June_25_2016_teaching Moment__blog graphicsOver the last few years we have heard a lot about “teachable moments.”  In corporate culture, there are those moments that may not look critical but are, and they revolve around how deviations from core values and behaviors aligned with them are addressed. Ignoring them or blowing them off is not a sign of benevolence, it is a sign of negligence.  The culture needs to be nurtured and treasured and kept whole by all who work within it.

Slipping involves falling down, not moving up. An organization cannot move forward if it is constantly slipping. If cultural health matters-and it does- use every opportunity to support healthfulness.

Developing a Personal Brand

July 6th, 2014   •   no comments   

Most leaders go through their careers trying to get ahead, working hard to move up the ladder. Most entrepreneurs start enterprises with visions of building their idea into something bigger, something sustainable. They are basically building their career.  At the same time, whether they are thinking about it or not, they are building their individual brands.

Personal brand is an interesting topic. Some folks allow the brand of their organization to stand in for their own individual statement. If they work for a powerful law firm that is known for its “take no prisoners” reputation, they may be more than willing to bask in that identification, especially if they do not quite measure up to it individually.  The same may hold true for someone working for a company known for corporate social responsibility and a caring attitude. He may shoulder that image, even if he doesn’t fit it.

The individuals discussed above may survive faking their individual brand for a while, at least as far as the external world can see. But internally, those in contact with those individuals know they don’t fit the brand they are trying to adopt. It ultimately will not work.

At the same time there are those who have never given personal brand any thought at all. They just act the way they choose to act or according to their company’s norms without philosophizing about it.  Upon retirement or at a point when they achieve an “AHA!” moment, they may try to piece together a story about who they were. Wouldn’t it have been better to have thought about it in advance and acted accordingly? Better, but not easier.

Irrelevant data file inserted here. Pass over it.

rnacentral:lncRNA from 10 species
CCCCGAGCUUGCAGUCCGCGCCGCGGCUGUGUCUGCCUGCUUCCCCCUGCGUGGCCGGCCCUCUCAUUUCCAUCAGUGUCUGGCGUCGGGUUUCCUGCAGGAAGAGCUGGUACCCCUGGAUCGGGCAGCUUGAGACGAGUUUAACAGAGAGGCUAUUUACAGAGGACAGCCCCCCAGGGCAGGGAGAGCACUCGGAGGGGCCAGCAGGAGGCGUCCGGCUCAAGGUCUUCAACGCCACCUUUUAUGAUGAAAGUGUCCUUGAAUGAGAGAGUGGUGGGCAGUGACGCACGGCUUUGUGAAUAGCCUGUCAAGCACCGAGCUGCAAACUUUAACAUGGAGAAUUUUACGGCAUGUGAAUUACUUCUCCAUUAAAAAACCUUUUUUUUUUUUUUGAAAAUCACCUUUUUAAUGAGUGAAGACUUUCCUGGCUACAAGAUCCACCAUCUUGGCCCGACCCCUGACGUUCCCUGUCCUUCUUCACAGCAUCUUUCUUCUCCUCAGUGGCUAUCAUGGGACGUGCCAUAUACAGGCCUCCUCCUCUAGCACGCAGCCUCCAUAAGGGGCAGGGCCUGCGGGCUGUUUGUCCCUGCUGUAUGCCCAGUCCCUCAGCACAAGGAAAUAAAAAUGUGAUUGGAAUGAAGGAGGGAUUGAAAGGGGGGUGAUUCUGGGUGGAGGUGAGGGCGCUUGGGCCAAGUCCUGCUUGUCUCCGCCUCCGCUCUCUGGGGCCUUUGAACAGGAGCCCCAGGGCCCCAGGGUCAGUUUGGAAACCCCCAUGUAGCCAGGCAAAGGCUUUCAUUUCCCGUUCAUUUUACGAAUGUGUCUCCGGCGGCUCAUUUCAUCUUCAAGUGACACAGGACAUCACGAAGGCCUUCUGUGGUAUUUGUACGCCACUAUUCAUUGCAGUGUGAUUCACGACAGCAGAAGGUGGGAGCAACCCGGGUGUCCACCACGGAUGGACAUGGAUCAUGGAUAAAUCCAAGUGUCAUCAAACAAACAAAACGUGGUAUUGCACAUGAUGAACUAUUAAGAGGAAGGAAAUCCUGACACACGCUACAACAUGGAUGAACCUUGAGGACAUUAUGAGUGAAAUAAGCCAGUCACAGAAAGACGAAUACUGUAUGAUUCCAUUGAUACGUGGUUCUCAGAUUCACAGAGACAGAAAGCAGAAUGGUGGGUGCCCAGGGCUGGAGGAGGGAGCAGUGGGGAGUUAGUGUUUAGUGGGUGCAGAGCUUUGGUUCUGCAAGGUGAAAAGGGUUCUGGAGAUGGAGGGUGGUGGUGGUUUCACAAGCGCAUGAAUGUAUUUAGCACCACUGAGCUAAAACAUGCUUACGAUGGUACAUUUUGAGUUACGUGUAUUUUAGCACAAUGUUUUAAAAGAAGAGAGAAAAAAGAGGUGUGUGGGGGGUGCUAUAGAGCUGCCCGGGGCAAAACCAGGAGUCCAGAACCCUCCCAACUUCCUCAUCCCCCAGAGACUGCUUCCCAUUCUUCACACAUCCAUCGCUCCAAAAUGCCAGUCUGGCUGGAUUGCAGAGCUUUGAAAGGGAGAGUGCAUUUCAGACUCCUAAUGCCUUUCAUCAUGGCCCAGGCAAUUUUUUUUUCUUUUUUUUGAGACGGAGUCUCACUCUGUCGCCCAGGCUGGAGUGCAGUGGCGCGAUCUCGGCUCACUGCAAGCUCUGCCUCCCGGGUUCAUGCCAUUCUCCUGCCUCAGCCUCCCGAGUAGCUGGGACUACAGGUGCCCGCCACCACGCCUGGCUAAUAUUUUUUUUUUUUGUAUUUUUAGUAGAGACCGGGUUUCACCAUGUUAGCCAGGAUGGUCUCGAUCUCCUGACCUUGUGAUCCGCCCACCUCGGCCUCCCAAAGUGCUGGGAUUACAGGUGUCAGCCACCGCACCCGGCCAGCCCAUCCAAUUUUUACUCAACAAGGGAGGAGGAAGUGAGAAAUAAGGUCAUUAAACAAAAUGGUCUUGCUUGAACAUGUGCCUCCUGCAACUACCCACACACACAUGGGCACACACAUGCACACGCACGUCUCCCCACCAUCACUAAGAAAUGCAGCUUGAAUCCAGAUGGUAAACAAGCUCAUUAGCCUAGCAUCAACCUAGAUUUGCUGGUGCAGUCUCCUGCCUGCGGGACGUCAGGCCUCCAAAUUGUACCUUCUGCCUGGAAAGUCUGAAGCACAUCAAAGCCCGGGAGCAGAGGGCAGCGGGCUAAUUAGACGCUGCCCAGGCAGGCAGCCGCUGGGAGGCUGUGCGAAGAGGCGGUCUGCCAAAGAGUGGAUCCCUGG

There are a few simple questions one can ask oneself early in a business career to begin the process of building a personal brand.  They include:

  • When I retire or die, what do I want my colleagues, employees, bosses, customers, vendors and community to say about me?  Or put another way, how do I want to be remembered?
  • What unshakeable values do I want to embody?  Have I thought about the behaviors that exemplify those values and my absolute willingness to act in alignment with those values?personal brand 2
  • What group of skills, knowledge and competencies make me different, special and of value?
  • Based on my values and skill set, how would I describe my personal brand?
  • Based on being around me, could those groups of individuals mentioned in the first question currently identify my personal brand?

Let’s just take a single value, integrity.  Many people say they want to be known as having integrity. But integrity is a very broad, nebulous concept. Some would say having integrity means being honest and open, some might say ethical, others might say it means always doing what you say you are going to do. To satisfy everyone that integrity is a core value, Joyce really has to meet everyone’s definition- she has to be honest in her dealings with everyone, win or lose. That means no sneaking, spying, corporate espionage, etc. It means not using informers to find out what employees are up to, not showing favoritism, etc.  It means always doing the right thing, no matter how painful or costly.  And it means always following through on promises. You say you are going to get back to someone- you do.  You promise to return a phone call, you do- always. You say you will follow up- you will. You will and you must if you want everyone to believe that you have integrity.  You believing it is not enough.

There are some amazing numbers that come out of a recent survey. Seventy percent of professionals believe that they have defined their personal brand and fifty percent believe they are consistently living that brand. In actuality, only 15% have truly defined their personal brand and only 5% are consistently living it. So clearly, most are not doing a good job.look in the mirror

Nike has a big brand, as does Tom’s Shoes and Zappos. They all sell lots of shoes, but they all have very different brands.  In the same sense, individuals should develop their own  individual brands that make them stand out from others.

Smart leaders want to have an impact on others and to influence events.  They must develop the personal brand that tells others that those leaders are the right people to trust and to follow.  This is not a small thing.  One looking back at the end of a career can see a winding path with lots of odd stops along the way, but can still view that career as a success if they had a strong brand that defined them and their actions. Those that exhibited “elastic” values and justified behaviors that were not aligned have rendered their brand useless, or worse, have defined themselves as someone who could justify any action to achieve a desired end.  Now, there’s a brand.

Personal brand is a big deal. It is a unifying concept that gathers data from, friends, family, colleagues, employees, customers, vendors and the community and distills it into a single description of an individual and what it is like to interact with him or her.  It can range from something simple like “He is a mensch”, which says a lot; to “Count your fingers after shaking hands with him”, which also says a lot.

Building a personal brand is very consistent with the 720thinking methodology that applies values and behaviors to skills and competencies across individuals and organizations.